BRE 135:2013 identifies the 600° C temperature rise with the degree of fire spread. Taking ‘External fire spread’ as an example:
[ADDED 18 JANUARY 2018, AFTER VIEWING BR 135:2003. REPLACES SOME PREVIOUS MATERIAL.
The failure criteria were specified in the same way in the 2003 edition. Here, for example, is the External Fire Spread criterion (with apologies for the poor quality photograph taken in the British Library):
The 2010 amended certificate states that
within the stated test time
the temperature of the level 2 thermocouples did not exceed 600° C. If the ‘stated test time’ were 15 minutes or more, then the system would have met the BR 135 criteria. Why then did the 2010 amended certificate no longer state that fire spread was limited and that the BR 135 criteria had been met?
One logical possibility is that the test was terminated before 15 minutes had passed. In the later BS 8414-1:2015 edition, two criteria are given for terminating the test early:
In the previous edition, BS 8414-1:2002, which was in force at the time of the test (8 December 2005), there were no such early termination criteria. Similar criteria, but with ‘test facility’ rather than ‘test apparatus’, had however been introduced earlier that year (6 October 2005) in the first BS 8414-2:2005 edition of the sister standard for cladding systems fixed to a structural steel frame (section 8.5):
Perhaps therefore, as a practical matter at least, such termination criteria would have been introduced to the BS 8414-1 test by December 2005. If so, then theoretically the test could have been terminated early because of flame spread above the test facility/apparatus or perceived risks. That the temperature gain at level 2 had not yet exceeded 600° C might then just reflect the fact that the system had failed before it had time to do so.
It does admittedly seem far-fetched to suppose that a BS 8414-1 test would be recorded on a BBA Certificate without any indication that the system had failed the test. Most probably there is an alternative explanation for why the claims that the system had limited fire spread and that it had passed the test according to the BR 135 criteria were removed from the 2010 amended Certificate. I think it would be important for the Inquiry to examine Test Report 220876 and to find out the reason for the retractions.
END OF ADDED SECTION.]
BBA 08/4582 Second Issue (2013)
BBA 08/4582 Product Sheet 1 for Kooltherm K15 received its Second Issue in December 2013:
There are important changes to the section on ‘Behaviour in relation to fire’. The product is still classified as Class 0 (England & Wales) or ‘low risk’ (Scotland), but the claim that it can be used in accordance with various specified paragraphs of the national building regulations is no longer in evidence:
With respect to the BS 8414 test, the claim, last evident in the 2008 Certificate, that the system met the criteria of BR 135 is restored, but this time with reference to the 2013 edition:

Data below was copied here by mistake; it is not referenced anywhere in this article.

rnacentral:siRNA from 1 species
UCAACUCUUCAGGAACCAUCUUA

The system is called a ‘specific cladding construction’ and the footnote makes it clear that the test result:
relates only to this specific construction and a separate test would be required to establish the performance of any other combination of materials.
Then, with regard to buildings over 18 m, where the previous certificates had directed that ‘advice should be sought from the Certificate holder’, the Second Issue permitted the product to be used only when it was:
incorporated in the construction defined in section 8.2
Two loopholes closed
The 2013 Second Issue of BBA 08/4582 permitted Kooltherm K15 to be employed in buildings over 18 m only if incorporated in the system defined in Section 8.2, with the 60 mm version of the product, 6 mm cement particle outer boards, a 40 mm cavity, and so on. Any other system would have to be subjected to a large-scale test to BS 8414.
Two potential loopholes had thus been closed:
- A user of the product could no longer point to Section 7.1 of BBA 08/4582 (2010) to show that it was ‘approved for use in accordance with the provisions of … [AD B2] 12.5, 12.6 and 12.7’.
- There was no longer any provision, as in Section 7.2 of BBA 08/4582 (2010), to seek ‘advice’ from Kingspan as to whether their product could be used on a high building.
At the end of Part 2 of this series, I showed a slide from a presentation by Steve Evans of the NHBC in which, referring to BBA 08/4582 and Kooltherm K15, he pointed (slide 7) to a:
Change in BBA certificate in late 2013 for most common product used on site restricted its use on buildings with a floor over 18m
If Evans is right that the revisions incorporated into the 2013 Second Issue of BBA 08/4582 had the effect of restricting the use of Kooltherm K15, then it follows that the terms of the First Issue had been allowing its use in systems other than the particular one that had been tested to BS 8414. In other words, one or both of these two loopholes had been open (assuming that there were no others).
If Kooltherm K15 actually was being used on high rise buildings prior to December 2013 on the basis of BBA 08/4582, apart from in the one tested construction, despite such use being contrary to the provisions of AD B2 12.7, then this would be an important key to understanding why more than one party apparently found it acceptable to install Celotex RS 5000 on Grenfell Tower, despite such use being contrary to 12.7. It seems to me that the Inquiry should investigate the approvals granted in this earlier period, and their basis. Was Kooltherm K15 in fact installed in alternative configurations? Was this on the basis of advice from Kingspan? Or, after the 2010 amendment, was justification for use of the product being found in the BBA’s apparent assertion that it fulfilled the requirements of AD B2 12.7? Or again, was it being used with no justification from either the Approved Document or the BBA Certificate?